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Why I Really Write, Part 7: I Am Seriously Pissed Off

I’ve spent two weeks writing the entry below, and it’s excellence is reflected in the fortnight of effort poured into it. Actually, I just banged it out today. I was out of my home for another week, as Wife forbade me to sleep in our place while the painters finished their thing, citing "my health" as a reason. As if. I’m gonna try to get back on a regular schedule. No promises, not that you were seeking any.

kickassage

Having a child reveals a parents’ true nature, for good and bad. I daresay that Baby has exposed to the harsh light of marriage my temper.

Oh, I knew I could get pissed off, have for years. But I lived under the delusion that it was limited to certain things, including (but not limited to) computer malfunctions, my sports teams’ meltdowns, and the cast of criminals currently running the White House.

The added stress of sleep deprivation and sleep deprivation and sleep deprivation, not to mention a year of battling bed bugs and bed bugs and bed bugs has brought to light the fact that small things can get me enraged to the point that I must summon every iota of control in my being not to scream, "Fucking asshole!", for instance, at the contractor who managed to leave dents in the baseboard after we paid him an amount of cash equivalent to the GDP of a small Eastern European nation.

Like happiness or sorrow, anger comes in different flavors and degrees, and it is a certain type of anger that has been motivation since my career as an Angry Young Man started two decades ago.

My anger is the self-righteous kind, which, like all sorts of anger, will eat one alive if one doesn’t let it pass. For instance, there was a girl I fancied in college, and I thought I had the perfect opportunity to get a little closer to her when she, myself, and some friends went out one Saturday evening. As we got liquored up in a bar that was less-than-diligent in checking ID, one of the group decided it would be an awesome idea to go to a midnight showing of "Purple Rain."

Col. Sanders
Mad enough to write

Up until then, I had been carrying on a nice conversation with the lass who I wanted to meet. And I would have been perfectly happy to keep talking with her in the bar, or go dancing, or escort her home and find my way into her arms. But no. Everybody decided that "Purple Rain" would be a much better thing to do than me getting laid, or at least the .001 percent possibilty of me getting laid.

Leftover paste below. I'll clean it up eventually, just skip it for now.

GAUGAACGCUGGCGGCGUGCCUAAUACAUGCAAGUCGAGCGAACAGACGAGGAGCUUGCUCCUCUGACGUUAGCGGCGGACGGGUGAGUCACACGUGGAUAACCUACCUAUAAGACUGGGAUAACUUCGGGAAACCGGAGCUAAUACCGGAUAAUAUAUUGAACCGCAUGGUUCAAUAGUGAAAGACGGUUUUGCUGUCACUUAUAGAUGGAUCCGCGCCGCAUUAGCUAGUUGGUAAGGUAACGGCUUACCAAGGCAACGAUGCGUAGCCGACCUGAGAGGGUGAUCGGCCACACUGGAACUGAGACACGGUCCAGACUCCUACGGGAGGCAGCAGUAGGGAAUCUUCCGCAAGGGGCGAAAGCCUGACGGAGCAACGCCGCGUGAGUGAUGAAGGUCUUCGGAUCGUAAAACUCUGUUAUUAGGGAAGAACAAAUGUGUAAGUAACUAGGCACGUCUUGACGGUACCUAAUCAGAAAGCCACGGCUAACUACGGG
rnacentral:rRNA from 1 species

To skip my protests and the subsequent coversation, the group — the girl of my 20-year-old dreams included — went to the movie, and I went home, stewing. Not knowing what better to do, I pulled out my typewriter and hacked out a three-page, single-spaced letter to my best friend about the evils of Prince and how I’d been wronged.

If my friend wanted to blackmail me, he’d have good evidence. However, even if it doesn’t turn out as I’d planned, more often than not when I’m steamed, hitting keys on the keyboard certainly beats breaking the device in two.

Right now, the subject of my anger is a certain political couple that hooked up just last week. We now officially have the scariest mainstream ticket in presidential history — an old reactionary codger who couldn’t stand up to wingnuts in his own party and named a political hack whose inexperience, intolerance, and rank stupidity have now been chronicled far and wide, much better than I will attempt in this space.

This not only scares the shit out of me (I’ve actually lost sleep at thought of a President Palin) but the oozing stream of lies from the GOP infuriates me to no end, not to mention the fact there are people wholly willing to believe in it. Of course, the country re-elected Bush, and there’s enough moronic, unemployed white fucks in Ohio, Michigan and Pennsylvania looking for any excuse not to vote for a black person to put McCain-Pallin into office.

Ach, you can see rage getting the better of me already…

Col. Sanders
Fake pic, fake person

Anger, and its close cousin, jealousy, have fueled many a writing sessions, even if the results were bad. It’s always self-righteous fury at stupid politicians, stupid writing teachers, stupid writers, and stupid people who all seem to exert some power over me, a power that I have no recourse to change. (Perhaps I should title this entry, "The Stupids.").

It’s too bad that every time I write in anger the result is rotten. It’s often unpleasant or unreadable. It sounds like a bad polemic from a bitter old man, shaking his fist at the world and screaming how much the world owes him because of his past suffering.

You know, like John McCain.

12 comments to Why I Really Write, Part 7: I Am Seriously Pissed Off

  • You missed Purple Rain over a girl? A girl?